Difficulty: Very Hard
The Caliph is not as much of a threat offensively as he is on the defensive. He uses mainly ranged troops. He also uses slaves to torch the castles of his enemies and then attack them while they are weak. He is one of the few characters that use fire arrows when defending, and employs pitch ditches for a devastating effect on attacking armies. He builds relatively small castle with a lot of small look-out towers, all of them mounted by his Arabian bowmen and flamethrowers. His castle is surrounded by pitch ditches, who burn any enemy that tries to get any near the castle. The small towers, however, are quite vulnerable to catapults. He keeps his people in great fear of him, but they respectively work faster and bring more production for their leader. The Caliph attacks first with slaves - burning any buildings outside the enemy's castle. Then the heavy infantry, Arabian swordsmen come accompanied by horse archers and fire balistas.
The Sultan is quite similar to The Rat. He does not attack very often and is quite easy to defeat. His castle is shaped as a circle. He boosts up his positive fear factor, so his Arabian swordsmen could pose a threat. Doesn't use archers, only slingers, so he's very vulnerable in any stage of the game.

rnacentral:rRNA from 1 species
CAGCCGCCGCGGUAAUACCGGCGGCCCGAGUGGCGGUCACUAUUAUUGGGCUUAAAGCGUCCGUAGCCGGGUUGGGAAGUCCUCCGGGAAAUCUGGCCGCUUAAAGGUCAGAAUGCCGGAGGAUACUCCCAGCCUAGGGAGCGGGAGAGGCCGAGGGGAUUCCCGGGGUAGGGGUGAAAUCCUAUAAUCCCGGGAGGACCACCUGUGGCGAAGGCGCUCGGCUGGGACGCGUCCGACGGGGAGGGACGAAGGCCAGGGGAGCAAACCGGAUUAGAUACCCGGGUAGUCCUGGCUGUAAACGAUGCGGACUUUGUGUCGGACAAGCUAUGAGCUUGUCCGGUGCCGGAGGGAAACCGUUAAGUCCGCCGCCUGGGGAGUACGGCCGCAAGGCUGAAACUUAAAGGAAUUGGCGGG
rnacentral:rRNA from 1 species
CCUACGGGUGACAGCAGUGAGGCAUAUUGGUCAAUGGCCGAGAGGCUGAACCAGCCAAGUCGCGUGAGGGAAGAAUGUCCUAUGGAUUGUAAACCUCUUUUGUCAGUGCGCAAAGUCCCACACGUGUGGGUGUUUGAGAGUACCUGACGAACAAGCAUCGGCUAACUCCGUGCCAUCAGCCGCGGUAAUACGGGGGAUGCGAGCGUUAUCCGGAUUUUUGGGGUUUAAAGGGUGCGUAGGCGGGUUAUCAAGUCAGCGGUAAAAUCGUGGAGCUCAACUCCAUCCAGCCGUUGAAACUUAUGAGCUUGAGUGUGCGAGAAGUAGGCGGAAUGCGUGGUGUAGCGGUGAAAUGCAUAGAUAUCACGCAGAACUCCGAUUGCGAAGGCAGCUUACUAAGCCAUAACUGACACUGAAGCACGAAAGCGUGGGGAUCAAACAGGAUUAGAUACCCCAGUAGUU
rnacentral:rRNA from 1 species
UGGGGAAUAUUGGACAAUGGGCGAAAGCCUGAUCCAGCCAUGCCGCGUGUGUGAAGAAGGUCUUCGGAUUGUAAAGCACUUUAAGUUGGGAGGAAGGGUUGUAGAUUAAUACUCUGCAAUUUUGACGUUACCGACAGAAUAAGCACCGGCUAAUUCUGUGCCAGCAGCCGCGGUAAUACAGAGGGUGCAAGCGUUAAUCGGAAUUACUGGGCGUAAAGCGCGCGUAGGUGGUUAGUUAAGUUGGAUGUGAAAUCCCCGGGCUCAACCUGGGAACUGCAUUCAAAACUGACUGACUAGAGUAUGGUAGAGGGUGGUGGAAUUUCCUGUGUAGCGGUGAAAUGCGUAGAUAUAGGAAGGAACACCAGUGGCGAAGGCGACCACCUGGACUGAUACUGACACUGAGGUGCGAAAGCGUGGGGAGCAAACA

Warchest (bonus) characters
A German lord, who knows how to build a good castle and army alike. The problem is that it will take him a long time and lots of resources. He's most vulnerable in the beginning of the game. If you don't disturb him, he'll most likely become the "greatest lord" in the game and will cause much trouble. His castle looks like a triangle with a lot of towers and a moat encircling it. Frederick trains swordsmen, pikemen, crossbowmen, archers and knights. His attacks are usually small, involving raiding knights and catapults, but that's because he plays more carefully, defensively.
The king who wears lipstick. He's French and seeks glory in his desert adventure. You will hardly ever see him defeating someone, but he won't also be taken down so easily. His castle is rectangular, with two big towers with mounted balistas son them and a moat to protect the back side of the castle. He's a pretentious ally. Usually trains spearmen, archers, swordsmen, pikemen and knights. Even though these are some powerful units, he doesn't tend to use them in big numbers. His attacks involve only a few raiding knights and a catapult or two. His castle is vulnerable to units who can dig moats, since his moat is the only thing that separates the enemy army from him.